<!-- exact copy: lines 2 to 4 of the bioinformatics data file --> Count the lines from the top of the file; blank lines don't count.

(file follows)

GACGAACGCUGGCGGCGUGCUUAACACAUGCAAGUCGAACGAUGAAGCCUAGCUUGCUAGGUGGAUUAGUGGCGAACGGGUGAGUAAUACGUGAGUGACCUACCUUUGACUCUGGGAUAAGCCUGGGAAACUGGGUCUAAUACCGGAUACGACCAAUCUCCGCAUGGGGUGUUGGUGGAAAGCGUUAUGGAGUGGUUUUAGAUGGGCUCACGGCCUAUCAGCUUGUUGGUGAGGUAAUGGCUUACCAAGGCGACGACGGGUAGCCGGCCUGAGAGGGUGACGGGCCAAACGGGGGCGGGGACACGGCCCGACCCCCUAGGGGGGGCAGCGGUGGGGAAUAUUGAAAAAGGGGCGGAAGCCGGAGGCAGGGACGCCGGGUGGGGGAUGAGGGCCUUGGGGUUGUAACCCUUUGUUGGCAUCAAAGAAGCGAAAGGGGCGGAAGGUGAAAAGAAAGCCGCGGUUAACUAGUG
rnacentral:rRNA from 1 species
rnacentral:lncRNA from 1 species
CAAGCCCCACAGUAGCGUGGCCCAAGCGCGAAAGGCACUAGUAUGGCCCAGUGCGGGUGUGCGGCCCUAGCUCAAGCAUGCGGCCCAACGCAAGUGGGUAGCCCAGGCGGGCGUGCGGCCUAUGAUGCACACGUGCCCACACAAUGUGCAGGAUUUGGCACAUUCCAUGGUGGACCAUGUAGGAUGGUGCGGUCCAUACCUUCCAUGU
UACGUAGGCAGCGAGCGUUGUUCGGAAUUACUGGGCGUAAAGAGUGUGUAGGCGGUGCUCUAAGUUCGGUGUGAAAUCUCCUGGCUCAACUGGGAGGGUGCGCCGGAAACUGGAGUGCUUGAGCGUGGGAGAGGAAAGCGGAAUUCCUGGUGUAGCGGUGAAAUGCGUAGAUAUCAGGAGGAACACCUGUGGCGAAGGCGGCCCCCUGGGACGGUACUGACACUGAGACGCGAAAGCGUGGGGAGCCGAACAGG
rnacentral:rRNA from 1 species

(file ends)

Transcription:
rnacentral:rRNA from 1 species
rnacentral:lncRNA from 1 species
CAAGCCCCACAGUAGCGUGGCCCAAGCGCGAAAGGCACUAGUAUGGCCCAGUGCGGGUGUGCGGCCCUAGCUCAAGCAUGCGGCCCAACGCAAGUGGGUAGCCCAGGCGGGCGUGCGGCCUAUGAUGCACACGUGCCCACACAAUGUGCAGGAUUUGGCACAUUCCAUGGUGGACCAUGUAGGAUGGUGCGGUCCAUACCUUCCAUGU